A week ago a new group popped up in Facebook Land called Back to Lithgow Reunion. Lithgow is the town I grew up in. It’s on the western side of the Blue Mountains in NSW, about 2 hours’ drive from the part of Sydney I live in now. A coal mining town for many years (although most of the mines have now closed), and an industrial hub featuring at various times steel-making, woollen mills, underwear manufacturers, the Tic Tac factory (they also make Nutella), power generation, railway workshops and the famous Small Arms Factory (makers of the Lee Enfield rifle among many others). I was born there, went to school there (at Cooerwull Public and Lithgow High School), and made lifelong friends there. Lithgow is part of who I am.
But for the past 27 or so years, I’ve lived in Sydney. I went to uni, met my husband there, got married, started work, had kids, bought a house, made new friends and settled in to a community. I still visit Lithgow to see my Dad, but Sydney is now home.
Joining the Back to Lithgow Reunion Group has been a fascinating walk down memory lane. The group was only started last week but it already has nearly 2 000 members, and people are posting old photos, telling stories about life in Lithgow way back when, and asking lots of “Do you remember…?” questions. Someone posted my class photo from 1st class at Cooerwull Public. People were jumping on to add names, some just guesses. I dug out my copy and found all the names written in my Dad’s careful handwriting, so was able to fill in the gaps. Several people I haven’t heard of in more than 30 years popped up in the comment thread.
Reading through all the posts and looking at the photos, I realised that almost everyone wants to talk about the people. Lots of the photos being posted are of places, but the comments always come back to people. “Do you remember the old Pottery?” “Yes, I hung out there all the time. Bob Cunningham was such a top fella!” “Who remembers buying broken biscuits from the corner shop in Laurence St?” “That was Mrs May’s shop. She was the best.” “Whatever happened to ___?” “Who was your favourite teacher?” (That one had about 87 replies last time I looked).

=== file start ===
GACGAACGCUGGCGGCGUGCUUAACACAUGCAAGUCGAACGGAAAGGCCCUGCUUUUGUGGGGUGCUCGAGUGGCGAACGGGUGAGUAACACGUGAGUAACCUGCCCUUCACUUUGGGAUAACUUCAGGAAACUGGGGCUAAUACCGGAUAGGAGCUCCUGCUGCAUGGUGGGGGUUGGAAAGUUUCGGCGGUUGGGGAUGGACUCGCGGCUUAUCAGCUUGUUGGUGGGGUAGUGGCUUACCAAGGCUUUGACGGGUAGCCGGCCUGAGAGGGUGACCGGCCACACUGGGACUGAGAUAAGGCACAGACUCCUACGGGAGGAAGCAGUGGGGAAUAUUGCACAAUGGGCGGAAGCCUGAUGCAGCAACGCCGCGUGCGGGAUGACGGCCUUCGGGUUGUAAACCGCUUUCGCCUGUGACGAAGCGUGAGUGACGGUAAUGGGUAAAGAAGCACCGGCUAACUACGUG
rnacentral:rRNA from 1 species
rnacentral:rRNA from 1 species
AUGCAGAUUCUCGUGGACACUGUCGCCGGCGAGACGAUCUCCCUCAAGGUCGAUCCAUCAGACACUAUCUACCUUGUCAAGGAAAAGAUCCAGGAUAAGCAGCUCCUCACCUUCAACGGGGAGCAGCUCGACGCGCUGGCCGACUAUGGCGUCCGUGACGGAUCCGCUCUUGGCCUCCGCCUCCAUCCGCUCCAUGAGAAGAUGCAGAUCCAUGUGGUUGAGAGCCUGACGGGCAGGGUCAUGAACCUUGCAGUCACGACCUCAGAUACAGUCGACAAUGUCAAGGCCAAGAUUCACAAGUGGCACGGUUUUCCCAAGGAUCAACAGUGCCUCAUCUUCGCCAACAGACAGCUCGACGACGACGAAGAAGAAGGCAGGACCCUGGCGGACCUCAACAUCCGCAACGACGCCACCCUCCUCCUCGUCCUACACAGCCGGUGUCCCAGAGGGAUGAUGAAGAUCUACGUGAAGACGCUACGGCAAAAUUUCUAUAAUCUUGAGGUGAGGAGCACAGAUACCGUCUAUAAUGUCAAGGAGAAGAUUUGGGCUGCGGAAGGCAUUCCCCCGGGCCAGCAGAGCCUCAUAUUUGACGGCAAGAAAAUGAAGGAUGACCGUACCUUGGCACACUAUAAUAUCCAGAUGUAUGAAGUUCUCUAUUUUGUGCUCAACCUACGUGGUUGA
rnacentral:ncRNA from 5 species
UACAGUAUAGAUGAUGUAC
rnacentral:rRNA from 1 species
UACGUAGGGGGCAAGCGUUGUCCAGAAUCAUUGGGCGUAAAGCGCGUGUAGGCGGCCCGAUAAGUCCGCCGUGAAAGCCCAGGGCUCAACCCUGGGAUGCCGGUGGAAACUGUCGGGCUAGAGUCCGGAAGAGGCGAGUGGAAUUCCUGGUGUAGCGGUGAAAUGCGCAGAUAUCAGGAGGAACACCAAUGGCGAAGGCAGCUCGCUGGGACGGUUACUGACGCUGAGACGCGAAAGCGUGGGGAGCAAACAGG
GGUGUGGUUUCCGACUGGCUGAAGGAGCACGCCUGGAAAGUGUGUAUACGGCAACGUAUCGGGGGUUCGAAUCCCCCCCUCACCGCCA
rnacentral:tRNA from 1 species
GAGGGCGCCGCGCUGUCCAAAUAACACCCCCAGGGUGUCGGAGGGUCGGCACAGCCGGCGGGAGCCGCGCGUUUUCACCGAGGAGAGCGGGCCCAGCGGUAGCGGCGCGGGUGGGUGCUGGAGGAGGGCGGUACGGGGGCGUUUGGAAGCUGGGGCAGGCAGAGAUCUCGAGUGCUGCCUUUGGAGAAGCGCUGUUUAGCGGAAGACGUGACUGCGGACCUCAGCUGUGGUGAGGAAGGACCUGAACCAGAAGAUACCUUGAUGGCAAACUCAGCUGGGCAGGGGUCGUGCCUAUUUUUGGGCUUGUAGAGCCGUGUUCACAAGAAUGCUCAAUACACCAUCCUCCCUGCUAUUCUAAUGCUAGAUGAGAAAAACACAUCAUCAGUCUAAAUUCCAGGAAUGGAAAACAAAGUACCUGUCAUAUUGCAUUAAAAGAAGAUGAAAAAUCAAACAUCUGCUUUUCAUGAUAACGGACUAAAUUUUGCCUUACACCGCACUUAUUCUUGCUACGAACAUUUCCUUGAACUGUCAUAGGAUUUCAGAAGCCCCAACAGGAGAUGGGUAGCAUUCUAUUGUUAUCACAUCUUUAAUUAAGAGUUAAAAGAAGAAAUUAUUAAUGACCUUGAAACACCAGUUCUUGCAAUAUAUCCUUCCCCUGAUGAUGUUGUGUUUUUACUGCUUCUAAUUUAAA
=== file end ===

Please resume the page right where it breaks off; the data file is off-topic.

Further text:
One of the comments that really stood out was, “I wish I had pics of ___”. That made me so sad. Groups like this one are so popular because people feel a sense of connection when they look at photos of places and faces from their past. Photos are so important to us. But just like my class photo, it’s the names – of the places, but especially of the people – that matter the most to us. Without the names and the stories, they’re just pictures without meaning. And eventually, everyone who remembers the names and stories will be gone.
That’s why we do what we do at pixels2Pages. We know that photos are so important, but the names and stories are even more important. Back when photos were taken on film and you had to wait until you’d used a whole roll, and then wait for it to be processed, you had to write on the back, or stick them in a scrapbook if you wanted to record the details. Today we take so many more photos, and we can see them instantly, and our cameras and phones record some details automatically that become part of the photo’s metadata. But if we want to record names and stories we still have to do something with them. We have to get them off the memory card, safely store them, identify the people, and tell the stories. Historian and Artisan give us the tools to do just that, and pixels2Pages helps us enjoy the process!
By making photo books, I’m preserving our photos, and much more importantly our stories for future generations, so they can know that these photos mean something. In the end, I know, it’s all about the people.
And here’s a spread from a current project about our church weekend away. I want to make sure I have photos (with names!) of everyone I care about. Content used: p2P Do What You Love Blueprint, Cottage Arts Just Sayin Page Pak, Cottage Arts Down on the Farm Element Pak Alphaset. Font: Digs My Hart.